To guide attorneys in submitting CJA forms and to guide Courts in evaluating those forms, the Judicial Conference of the United States has approved official guidelines addressing the CJA program, set forth in the Guide to Judiciary Policy, Volume 7, Part A ("Guidelines"). First, the Guidelines institute case compensation maximums, which set the maximum compensation attorneys should request for particular types of cases. Guidelines, § 230.23.20. Under the Guidelines, the case compensation maximum for a case such as this one (involving a defendant accused of a felony at the trial court level) is $9,700 as of January 1, 2010.*fn3 Id. The Guidelines also provide a procedure for waiving the case compensation maximums, stating that "[p]ayments in excess of CJA compensation maximums may be made to provide fair compensation in cases involving extended or complex representation when so certified by the court." Guidelines, §230.23.40(a) (emphasis in original). Approval for a voucher for excess compensation is a two-step process: first, the Court must determine that the attorney's representation was either extended or complex, and second, the Court must determine what amount of excess payment is necessary to provide fair compensation. Guidelines, §230.23.40.
The Court is supposed to be limited by this two-step process to grant excess compensation only in cases that are out of the ordinary, and such excess compensation was meant to be the exception, not the rule. See United States v. Holtz, 379 F. Supp. 2d 988, 992 (C.D. Ill. 2005) (noting that many attorneys "wrongfully expect the Court to approve their fee petitions regardless of the CJA maximum"). However, the analysis is often not so rigid, and fees over the case compensation maximum are routinely reviewed and approved by this Court and its colleagues without formal inquiry. Such formality is often not necessary, as most attorneys who have accepted CJA appointments have recognized this limit and request excess compensation sparingly and only when necessary. As the Court has observed over the years, most CJA attorneys perform admirably, and submit vouchers that are reasonable and appropriate. Indeed, only once before did this Court raise question over a voucher, and the issue was easily resolved with a small adjustment in the amount of compensation. The Court's choice to conduct a more formal analysis in this case is in response to what this Court believes to be an exorbitant fee.
A. Whether the Case is "Extended" or "Complex"
A case is considered "complex" if the legal or factual issues in the case are unusual, requiring the expenditure of more time, skill, and effort than would normally be required. Guidelines, §230.23.40(b). A case is considered "extended" if the case reasonably requires more time than usual, including pre-trial and post-trial hearings. Id. Here, Mr. Baldassare argues that this case was both extended and complex. First, he points out that his representation of Defendant, Mr. Mosley, began in December 2007 and continued through September 2010. However, the mere passage of time is not the criteria for determining whether a case is "extended." Here, almost a year of Mr. Baldassare's representation of Defendant consisted of waiting for a ruling on the motion to dismiss the Indictment. Therefore, while three years may have passed, the case itself did not require more of Mr. Baladassare's time than a usual criminal case.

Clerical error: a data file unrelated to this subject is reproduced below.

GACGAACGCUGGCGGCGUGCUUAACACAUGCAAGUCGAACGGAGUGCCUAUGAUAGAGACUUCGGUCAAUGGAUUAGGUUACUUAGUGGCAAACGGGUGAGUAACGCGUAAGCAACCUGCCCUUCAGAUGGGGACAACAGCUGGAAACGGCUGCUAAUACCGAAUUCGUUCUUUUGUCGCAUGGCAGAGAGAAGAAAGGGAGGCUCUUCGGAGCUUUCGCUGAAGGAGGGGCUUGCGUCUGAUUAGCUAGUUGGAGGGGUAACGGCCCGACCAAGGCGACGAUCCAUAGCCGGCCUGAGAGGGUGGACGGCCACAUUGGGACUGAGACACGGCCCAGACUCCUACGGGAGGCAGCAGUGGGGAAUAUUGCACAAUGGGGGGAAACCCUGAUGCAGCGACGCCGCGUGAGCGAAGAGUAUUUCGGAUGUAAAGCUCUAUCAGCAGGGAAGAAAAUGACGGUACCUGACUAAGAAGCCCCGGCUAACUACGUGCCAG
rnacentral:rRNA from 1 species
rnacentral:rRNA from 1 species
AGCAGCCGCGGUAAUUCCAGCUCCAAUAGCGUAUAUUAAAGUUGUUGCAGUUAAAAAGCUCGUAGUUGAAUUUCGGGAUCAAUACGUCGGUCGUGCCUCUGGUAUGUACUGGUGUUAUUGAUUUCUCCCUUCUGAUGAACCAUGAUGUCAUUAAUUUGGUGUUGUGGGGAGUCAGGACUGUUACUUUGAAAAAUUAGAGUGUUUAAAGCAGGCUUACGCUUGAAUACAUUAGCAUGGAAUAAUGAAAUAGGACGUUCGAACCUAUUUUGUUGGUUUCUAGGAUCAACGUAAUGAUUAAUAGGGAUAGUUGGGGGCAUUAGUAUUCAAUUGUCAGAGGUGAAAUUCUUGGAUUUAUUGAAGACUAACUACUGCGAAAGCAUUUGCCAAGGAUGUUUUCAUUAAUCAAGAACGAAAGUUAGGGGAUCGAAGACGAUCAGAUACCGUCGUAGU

The Court also disagrees with Mr. Baldassare's description of this case as "complex." While Mr. Baldassare points to aspects of the case such as the motion to dismiss pursuant to the Speedy Trial Act, which required briefing as well as a hearing, this is certainly not a unique issue for a criminal defendant. The Court has reviewed the brief and the motion to dismiss opinion, and did not find any unusual or out of the ordinary arguments. Additionally, Mr. Baldassare's claim that preparing the Sentencing Memorandum required more work than usual, as it provided an analysis of the career offender guidelines and the crack cocaine sentencing guidelines, also fails to justify dubbing this case as particularly "complex." See, e.g., United States v. Sepulveda, 502 F. Supp. 2d 1104, 1109 (D. Mont. 2007) ("Disputes over whether a prior conviction should count toward a defendant's criminal history are routine, and do not support a finding of complexity.") Issues with the guidelines for career offenders and crack cocaine crimes are common pre-sentencing topics that the Court has seen presented in other cases numerous times. In essentially every case dealing with either crack cocaine crimes or defendants with higher criminal history levels, counsel is likely to raise objections in their sentencing memorandums to the crack cocaine guidelines*fn4 or the career offender guidelines. Finally, the Court notes that while Mr. Baldassare pointed to the several large volumes that were submitted as exhibits in support of the Sentencing Memorandum, most of these exhibits were unnecessary ...